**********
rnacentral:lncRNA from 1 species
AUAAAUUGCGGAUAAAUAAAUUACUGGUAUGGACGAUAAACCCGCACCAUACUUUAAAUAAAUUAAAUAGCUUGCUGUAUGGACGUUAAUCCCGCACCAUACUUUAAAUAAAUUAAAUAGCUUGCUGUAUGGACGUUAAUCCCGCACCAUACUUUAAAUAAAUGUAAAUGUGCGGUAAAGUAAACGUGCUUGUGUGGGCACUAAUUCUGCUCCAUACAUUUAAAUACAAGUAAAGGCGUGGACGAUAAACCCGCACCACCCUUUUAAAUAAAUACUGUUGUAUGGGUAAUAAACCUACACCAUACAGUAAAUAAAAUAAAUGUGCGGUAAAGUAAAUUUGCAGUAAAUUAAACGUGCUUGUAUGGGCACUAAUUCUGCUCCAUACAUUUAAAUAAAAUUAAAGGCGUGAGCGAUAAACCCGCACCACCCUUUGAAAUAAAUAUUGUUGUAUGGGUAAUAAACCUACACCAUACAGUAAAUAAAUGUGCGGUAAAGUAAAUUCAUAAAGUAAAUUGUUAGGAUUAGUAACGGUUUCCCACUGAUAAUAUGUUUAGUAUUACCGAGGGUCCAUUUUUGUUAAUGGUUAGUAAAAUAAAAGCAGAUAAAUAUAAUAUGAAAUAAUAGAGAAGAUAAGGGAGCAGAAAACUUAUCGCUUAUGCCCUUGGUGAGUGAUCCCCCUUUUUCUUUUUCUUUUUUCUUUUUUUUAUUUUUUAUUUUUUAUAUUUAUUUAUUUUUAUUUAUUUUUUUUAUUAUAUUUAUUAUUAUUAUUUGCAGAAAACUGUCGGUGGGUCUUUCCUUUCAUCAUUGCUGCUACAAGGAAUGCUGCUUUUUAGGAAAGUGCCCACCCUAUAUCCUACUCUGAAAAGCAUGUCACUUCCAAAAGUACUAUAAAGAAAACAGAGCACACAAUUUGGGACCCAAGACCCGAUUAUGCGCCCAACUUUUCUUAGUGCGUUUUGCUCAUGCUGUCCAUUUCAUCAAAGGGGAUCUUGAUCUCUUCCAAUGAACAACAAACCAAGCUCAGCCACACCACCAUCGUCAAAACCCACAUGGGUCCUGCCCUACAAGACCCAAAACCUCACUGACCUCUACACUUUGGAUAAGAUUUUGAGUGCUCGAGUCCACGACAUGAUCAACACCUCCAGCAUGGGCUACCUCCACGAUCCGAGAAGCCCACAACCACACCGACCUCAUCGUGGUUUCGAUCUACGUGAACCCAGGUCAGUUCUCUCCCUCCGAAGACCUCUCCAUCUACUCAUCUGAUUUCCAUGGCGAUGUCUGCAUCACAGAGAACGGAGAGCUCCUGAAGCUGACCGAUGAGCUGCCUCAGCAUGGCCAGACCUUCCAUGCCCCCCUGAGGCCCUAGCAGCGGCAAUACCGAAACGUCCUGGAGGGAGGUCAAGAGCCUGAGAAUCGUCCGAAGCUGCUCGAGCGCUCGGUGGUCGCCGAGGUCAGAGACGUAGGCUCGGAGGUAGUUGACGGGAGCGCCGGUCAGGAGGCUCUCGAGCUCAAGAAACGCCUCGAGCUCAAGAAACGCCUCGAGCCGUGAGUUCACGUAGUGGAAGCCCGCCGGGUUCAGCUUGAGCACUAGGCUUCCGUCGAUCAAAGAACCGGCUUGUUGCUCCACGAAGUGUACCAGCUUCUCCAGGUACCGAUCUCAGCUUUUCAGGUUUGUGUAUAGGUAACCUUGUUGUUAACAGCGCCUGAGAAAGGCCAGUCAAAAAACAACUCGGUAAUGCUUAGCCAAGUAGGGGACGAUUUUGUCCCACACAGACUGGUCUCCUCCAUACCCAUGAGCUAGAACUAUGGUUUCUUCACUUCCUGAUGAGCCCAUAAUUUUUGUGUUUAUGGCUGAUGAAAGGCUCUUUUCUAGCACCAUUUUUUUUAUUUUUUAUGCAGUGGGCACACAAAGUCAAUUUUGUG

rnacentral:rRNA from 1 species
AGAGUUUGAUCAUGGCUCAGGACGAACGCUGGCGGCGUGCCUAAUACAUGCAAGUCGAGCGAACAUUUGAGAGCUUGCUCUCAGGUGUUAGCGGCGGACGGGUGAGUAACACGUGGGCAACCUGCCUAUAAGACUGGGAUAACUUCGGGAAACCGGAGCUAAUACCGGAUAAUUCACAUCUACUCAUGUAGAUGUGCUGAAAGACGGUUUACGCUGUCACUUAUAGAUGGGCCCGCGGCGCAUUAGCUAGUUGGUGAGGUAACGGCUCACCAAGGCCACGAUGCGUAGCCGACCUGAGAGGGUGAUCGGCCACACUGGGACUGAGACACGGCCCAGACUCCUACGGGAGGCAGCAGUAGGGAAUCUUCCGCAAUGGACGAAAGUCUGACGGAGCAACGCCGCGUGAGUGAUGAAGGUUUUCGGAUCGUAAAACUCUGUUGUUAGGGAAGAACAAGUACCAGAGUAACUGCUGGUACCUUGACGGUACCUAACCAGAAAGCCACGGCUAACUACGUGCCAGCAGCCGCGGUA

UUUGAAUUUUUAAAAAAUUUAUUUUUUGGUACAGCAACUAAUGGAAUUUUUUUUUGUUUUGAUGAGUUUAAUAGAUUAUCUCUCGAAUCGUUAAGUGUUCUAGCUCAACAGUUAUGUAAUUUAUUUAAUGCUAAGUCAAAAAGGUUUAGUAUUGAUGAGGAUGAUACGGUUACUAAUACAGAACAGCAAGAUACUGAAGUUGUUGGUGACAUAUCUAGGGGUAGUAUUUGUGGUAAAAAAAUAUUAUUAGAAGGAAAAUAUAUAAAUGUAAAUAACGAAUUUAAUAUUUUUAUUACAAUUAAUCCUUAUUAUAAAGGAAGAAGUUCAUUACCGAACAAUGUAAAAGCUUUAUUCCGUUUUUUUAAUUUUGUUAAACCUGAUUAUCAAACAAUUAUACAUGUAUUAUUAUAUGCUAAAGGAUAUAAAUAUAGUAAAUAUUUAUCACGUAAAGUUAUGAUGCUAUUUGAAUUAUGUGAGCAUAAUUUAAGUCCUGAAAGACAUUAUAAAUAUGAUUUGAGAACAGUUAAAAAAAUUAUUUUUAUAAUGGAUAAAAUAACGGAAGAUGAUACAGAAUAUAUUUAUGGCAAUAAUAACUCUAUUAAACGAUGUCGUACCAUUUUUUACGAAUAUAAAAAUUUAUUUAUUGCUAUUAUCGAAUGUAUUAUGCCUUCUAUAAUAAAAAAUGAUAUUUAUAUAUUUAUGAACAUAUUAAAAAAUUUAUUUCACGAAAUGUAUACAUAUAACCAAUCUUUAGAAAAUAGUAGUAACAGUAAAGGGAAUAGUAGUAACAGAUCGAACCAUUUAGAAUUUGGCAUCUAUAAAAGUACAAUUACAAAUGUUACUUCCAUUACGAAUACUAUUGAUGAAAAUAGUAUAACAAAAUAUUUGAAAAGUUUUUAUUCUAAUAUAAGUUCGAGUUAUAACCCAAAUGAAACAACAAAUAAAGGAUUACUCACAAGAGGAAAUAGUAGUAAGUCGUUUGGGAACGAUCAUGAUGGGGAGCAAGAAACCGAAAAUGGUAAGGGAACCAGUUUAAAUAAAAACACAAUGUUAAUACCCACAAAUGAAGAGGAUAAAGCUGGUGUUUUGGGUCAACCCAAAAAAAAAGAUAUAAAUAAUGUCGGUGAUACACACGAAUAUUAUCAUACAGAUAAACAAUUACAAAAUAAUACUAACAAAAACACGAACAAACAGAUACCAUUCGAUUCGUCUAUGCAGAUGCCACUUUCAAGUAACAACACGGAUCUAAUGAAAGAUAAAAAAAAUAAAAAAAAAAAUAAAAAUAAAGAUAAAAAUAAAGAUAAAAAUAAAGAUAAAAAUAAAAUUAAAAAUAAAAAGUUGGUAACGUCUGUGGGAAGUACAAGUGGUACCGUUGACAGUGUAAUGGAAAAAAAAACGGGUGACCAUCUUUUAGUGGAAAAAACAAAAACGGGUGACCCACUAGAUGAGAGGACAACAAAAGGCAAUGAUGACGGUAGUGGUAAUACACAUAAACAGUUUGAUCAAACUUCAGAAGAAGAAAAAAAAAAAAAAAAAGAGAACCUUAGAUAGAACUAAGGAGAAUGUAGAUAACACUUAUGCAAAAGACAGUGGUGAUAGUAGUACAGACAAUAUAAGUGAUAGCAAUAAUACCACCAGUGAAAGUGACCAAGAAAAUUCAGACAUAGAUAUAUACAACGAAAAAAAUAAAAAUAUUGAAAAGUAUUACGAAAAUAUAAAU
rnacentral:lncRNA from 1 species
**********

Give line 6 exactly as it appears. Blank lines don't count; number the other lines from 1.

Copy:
rnacentral:lncRNA from 1 species